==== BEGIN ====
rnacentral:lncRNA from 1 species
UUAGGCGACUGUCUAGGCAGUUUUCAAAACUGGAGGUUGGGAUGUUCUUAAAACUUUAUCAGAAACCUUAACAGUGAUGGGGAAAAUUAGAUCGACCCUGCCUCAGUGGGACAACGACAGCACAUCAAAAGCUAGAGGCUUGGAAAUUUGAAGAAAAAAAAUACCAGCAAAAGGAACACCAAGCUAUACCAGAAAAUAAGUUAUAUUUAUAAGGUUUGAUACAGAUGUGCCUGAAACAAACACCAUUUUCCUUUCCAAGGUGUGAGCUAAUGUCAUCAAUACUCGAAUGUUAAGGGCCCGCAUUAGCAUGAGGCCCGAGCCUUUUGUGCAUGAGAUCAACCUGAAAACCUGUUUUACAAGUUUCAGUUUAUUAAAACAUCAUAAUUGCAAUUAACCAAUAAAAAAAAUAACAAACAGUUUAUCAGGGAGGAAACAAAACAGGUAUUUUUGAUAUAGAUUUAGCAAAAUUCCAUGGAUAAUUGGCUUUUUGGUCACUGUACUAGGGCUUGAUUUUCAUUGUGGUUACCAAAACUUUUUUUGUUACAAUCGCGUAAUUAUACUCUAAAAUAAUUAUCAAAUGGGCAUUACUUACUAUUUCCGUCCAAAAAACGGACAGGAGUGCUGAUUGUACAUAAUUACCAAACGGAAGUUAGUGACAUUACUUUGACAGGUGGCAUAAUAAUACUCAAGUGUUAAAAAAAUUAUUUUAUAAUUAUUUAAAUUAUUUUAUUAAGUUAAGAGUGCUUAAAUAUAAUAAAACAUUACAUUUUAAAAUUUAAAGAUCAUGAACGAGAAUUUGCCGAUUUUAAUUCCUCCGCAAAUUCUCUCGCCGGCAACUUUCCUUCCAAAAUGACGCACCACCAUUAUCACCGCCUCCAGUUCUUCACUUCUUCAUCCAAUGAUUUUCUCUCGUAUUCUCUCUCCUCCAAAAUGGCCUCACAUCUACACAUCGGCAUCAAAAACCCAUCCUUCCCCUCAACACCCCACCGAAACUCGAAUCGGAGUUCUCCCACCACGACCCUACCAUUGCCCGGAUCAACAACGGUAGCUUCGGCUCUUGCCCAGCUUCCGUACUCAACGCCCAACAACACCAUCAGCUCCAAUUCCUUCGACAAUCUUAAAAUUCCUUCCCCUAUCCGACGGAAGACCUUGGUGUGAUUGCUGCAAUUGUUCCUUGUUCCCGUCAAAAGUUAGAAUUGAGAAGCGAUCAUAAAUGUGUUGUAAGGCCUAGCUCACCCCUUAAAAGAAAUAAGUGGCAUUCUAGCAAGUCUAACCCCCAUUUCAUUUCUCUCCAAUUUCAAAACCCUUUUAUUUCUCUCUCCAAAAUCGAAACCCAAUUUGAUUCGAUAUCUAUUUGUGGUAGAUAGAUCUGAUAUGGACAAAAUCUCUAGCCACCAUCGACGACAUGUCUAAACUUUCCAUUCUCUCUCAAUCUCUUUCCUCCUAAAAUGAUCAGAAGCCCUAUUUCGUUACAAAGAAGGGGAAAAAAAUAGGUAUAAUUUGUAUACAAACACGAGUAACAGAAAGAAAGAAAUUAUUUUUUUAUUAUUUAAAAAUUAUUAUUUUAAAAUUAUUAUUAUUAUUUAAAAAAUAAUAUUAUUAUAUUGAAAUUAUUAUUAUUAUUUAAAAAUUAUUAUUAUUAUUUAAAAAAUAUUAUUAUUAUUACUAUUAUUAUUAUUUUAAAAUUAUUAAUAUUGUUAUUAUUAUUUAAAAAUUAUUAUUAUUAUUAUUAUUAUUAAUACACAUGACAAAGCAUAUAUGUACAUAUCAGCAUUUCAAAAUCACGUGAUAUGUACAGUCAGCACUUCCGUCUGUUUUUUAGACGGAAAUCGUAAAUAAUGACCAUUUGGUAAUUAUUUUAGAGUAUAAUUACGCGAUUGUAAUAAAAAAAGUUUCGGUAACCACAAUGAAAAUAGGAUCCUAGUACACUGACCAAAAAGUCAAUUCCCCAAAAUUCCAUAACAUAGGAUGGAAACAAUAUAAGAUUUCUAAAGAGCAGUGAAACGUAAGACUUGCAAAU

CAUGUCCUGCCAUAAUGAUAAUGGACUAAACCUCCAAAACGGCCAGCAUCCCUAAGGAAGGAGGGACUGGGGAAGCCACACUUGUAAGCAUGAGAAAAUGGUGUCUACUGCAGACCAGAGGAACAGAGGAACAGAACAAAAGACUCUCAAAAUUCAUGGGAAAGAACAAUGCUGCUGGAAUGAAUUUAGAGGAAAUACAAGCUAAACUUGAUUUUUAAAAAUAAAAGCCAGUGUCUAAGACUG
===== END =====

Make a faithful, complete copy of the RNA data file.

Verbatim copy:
rnacentral:lncRNA from 1 species
UUAGGCGACUGUCUAGGCAGUUUUCAAAACUGGAGGUUGGGAUGUUCUUAAAACUUUAUCAGAAACCUUAACAGUGAUGGGGAAAAUUAGAUCGACCCUGCCUCAGUGGGACAACGACAGCACAUCAAAAGCUAGAGGCUUGGAAAUUUGAAGAAAAAAAAUACCAGCAAAAGGAACACCAAGCUAUACCAGAAAAUAAGUUAUAUUUAUAAGGUUUGAUACAGAUGUGCCUGAAACAAACACCAUUUUCCUUUCCAAGGUGUGAGCUAAUGUCAUCAAUACUCGAAUGUUAAGGGCCCGCAUUAGCAUGAGGCCCGAGCCUUUUGUGCAUGAGAUCAACCUGAAAACCUGUUUUACAAGUUUCAGUUUAUUAAAACAUCAUAAUUGCAAUUAACCAAUAAAAAAAAUAACAAACAGUUUAUCAGGGAGGAAACAAAACAGGUAUUUUUGAUAUAGAUUUAGCAAAAUUCCAUGGAUAAUUGGCUUUUUGGUCACUGUACUAGGGCUUGAUUUUCAUUGUGGUUACCAAAACUUUUUUUGUUACAAUCGCGUAAUUAUACUCUAAAAUAAUUAUCAAAUGGGCAUUACUUACUAUUUCCGUCCAAAAAACGGACAGGAGUGCUGAUUGUACAUAAUUACCAAACGGAAGUUAGUGACAUUACUUUGACAGGUGGCAUAAUAAUACUCAAGUGUUAAAAAAAUUAUUUUAUAAUUAUUUAAAUUAUUUUAUUAAGUUAAGAGUGCUUAAAUAUAAUAAAACAUUACAUUUUAAAAUUUAAAGAUCAUGAACGAGAAUUUGCCGAUUUUAAUUCCUCCGCAAAUUCUCUCGCCGGCAACUUUCCUUCCAAAAUGACGCACCACCAUUAUCACCGCCUCCAGUUCUUCACUUCUUCAUCCAAUGAUUUUCUCUCGUAUUCUCUCUCCUCCAAAAUGGCCUCACAUCUACACAUCGGCAUCAAAAACCCAUCCUUCCCCUCAACACCCCACCGAAACUCGAAUCGGAGUUCUCCCACCACGACCCUACCAUUGCCCGGAUCAACAACGGUAGCUUCGGCUCUUGCCCAGCUUCCGUACUCAACGCCCAACAACACCAUCAGCUCCAAUUCCUUCGACAAUCUUAAAAUUCCUUCCCCUAUCCGACGGAAGACCUUGGUGUGAUUGCUGCAAUUGUUCCUUGUUCCCGUCAAAAGUUAGAAUUGAGAAGCGAUCAUAAAUGUGUUGUAAGGCCUAGCUCACCCCUUAAAAGAAAUAAGUGGCAUUCUAGCAAGUCUAACCCCCAUUUCAUUUCUCUCCAAUUUCAAAACCCUUUUAUUUCUCUCUCCAAAAUCGAAACCCAAUUUGAUUCGAUAUCUAUUUGUGGUAGAUAGAUCUGAUAUGGACAAAAUCUCUAGCCACCAUCGACGACAUGUCUAAACUUUCCAUUCUCUCUCAAUCUCUUUCCUCCUAAAAUGAUCAGAAGCCCUAUUUCGUUACAAAGAAGGGGAAAAAAAUAGGUAUAAUUUGUAUACAAACACGAGUAACAGAAAGAAAGAAAUUAUUUUUUUAUUAUUUAAAAAUUAUUAUUUUAAAAUUAUUAUUAUUAUUUAAAAAAUAAUAUUAUUAUAUUGAAAUUAUUAUUAUUAUUUAAAAAUUAUUAUUAUUAUUUAAAAAAUAUUAUUAUUAUUACUAUUAUUAUUAUUUUAAAAUUAUUAAUAUUGUUAUUAUUAUUUAAAAAUUAUUAUUAUUAUUAUUAUUAUUAAUACACAUGACAAAGCAUAUAUGUACAUAUCAGCAUUUCAAAAUCACGUGAUAUGUACAGUCAGCACUUCCGUCUGUUUUUUAGACGGAAAUCGUAAAUAAUGACCAUUUGGUAAUUAUUUUAGAGUAUAAUUACGCGAUUGUAAUAAAAAAAGUUUCGGUAACCACAAUGAAAAUAGGAUCCUAGUACACUGACCAAAAAGUCAAUUCCCCAAAAUUCCAUAACAUAGGAUGGAAACAAUAUAAGAUUUCUAAAGAGCAGUGAAACGUAAGACUUGCAAAU

CAUGUCCUGCCAUAAUGAUAAUGGACUAAACCUCCAAAACGGCCAGCAUCCCUAAGGAAGGAGGGACUGGGGAAGCCACACUUGUAAGCAUGAGAAAAUGGUGUCUACUGCAGACCAGAGGAACAGAGGAACAGAACAAAAGACUCUCAAAAUUCAUGGGAAAGAACAAUGCUGCUGGAAUGAAUUUAGAGGAAAUACAAGCUAAACUUGAUUUUUAAAAAUAAAAGCCAGUGUCUAAGACUG